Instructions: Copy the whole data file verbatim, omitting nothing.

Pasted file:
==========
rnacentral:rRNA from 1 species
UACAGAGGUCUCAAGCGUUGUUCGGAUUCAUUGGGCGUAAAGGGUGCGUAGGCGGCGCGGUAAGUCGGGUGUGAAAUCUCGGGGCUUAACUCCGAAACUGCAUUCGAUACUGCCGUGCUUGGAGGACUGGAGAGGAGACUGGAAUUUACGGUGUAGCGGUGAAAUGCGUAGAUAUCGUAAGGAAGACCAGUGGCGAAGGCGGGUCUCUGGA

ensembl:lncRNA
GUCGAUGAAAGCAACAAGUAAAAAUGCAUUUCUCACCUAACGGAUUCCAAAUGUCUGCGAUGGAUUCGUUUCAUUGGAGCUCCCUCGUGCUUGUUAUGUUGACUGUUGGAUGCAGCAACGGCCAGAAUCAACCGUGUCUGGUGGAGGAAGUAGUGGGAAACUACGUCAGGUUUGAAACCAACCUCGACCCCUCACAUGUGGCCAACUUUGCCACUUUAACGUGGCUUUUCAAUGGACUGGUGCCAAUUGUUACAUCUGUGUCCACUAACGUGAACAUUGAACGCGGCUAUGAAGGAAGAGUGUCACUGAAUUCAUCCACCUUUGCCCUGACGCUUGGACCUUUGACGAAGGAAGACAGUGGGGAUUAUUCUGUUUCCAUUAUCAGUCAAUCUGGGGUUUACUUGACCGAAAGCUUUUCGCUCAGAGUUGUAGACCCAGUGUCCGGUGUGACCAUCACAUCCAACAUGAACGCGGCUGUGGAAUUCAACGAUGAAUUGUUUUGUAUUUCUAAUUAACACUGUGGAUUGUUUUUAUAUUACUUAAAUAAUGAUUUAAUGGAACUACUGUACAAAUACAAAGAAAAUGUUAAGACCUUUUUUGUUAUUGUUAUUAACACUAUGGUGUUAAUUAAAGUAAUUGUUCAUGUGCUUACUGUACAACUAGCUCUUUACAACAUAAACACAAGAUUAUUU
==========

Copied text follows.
rnacentral:rRNA from 1 species
UACAGAGGUCUCAAGCGUUGUUCGGAUUCAUUGGGCGUAAAGGGUGCGUAGGCGGCGCGGUAAGUCGGGUGUGAAAUCUCGGGGCUUAACUCCGAAACUGCAUUCGAUACUGCCGUGCUUGGAGGACUGGAGAGGAGACUGGAAUUUACGGUGUAGCGGUGAAAUGCGUAGAUAUCGUAAGGAAGACCAGUGGCGAAGGCGGGUCUCUGGA

ensembl:lncRNA
GUCGAUGAAAGCAACAAGUAAAAAUGCAUUUCUCACCUAACGGAUUCCAAAUGUCUGCGAUGGAUUCGUUUCAUUGGAGCUCCCUCGUGCUUGUUAUGUUGACUGUUGGAUGCAGCAACGGCCAGAAUCAACCGUGUCUGGUGGAGGAAGUAGUGGGAAACUACGUCAGGUUUGAAACCAACCUCGACCCCUCACAUGUGGCCAACUUUGCCACUUUAACGUGGCUUUUCAAUGGACUGGUGCCAAUUGUUACAUCUGUGUCCACUAACGUGAACAUUGAACGCGGCUAUGAAGGAAGAGUGUCACUGAAUUCAUCCACCUUUGCCCUGACGCUUGGACCUUUGACGAAGGAAGACAGUGGGGAUUAUUCUGUUUCCAUUAUCAGUCAAUCUGGGGUUUACUUGACCGAAAGCUUUUCGCUCAGAGUUGUAGACCCAGUGUCCGGUGUGACCAUCACAUCCAACAUGAACGCGGCUGUGGAAUUCAACGAUGAAUUGUUUUGUAUUUCUAAUUAACACUGUGGAUUGUUUUUAUAUUACUUAAAUAAUGAUUUAAUGGAACUACUGUACAAAUACAAAGAAAAUGUUAAGACCUUUUUUGUUAUUGUUAUUAACACUAUGGUGUUAAUUAAAGUAAUUGUUCAUGUGCUUACUGUACAACUAGCUCUUUACAACAUAAACACAAGAUUAUUU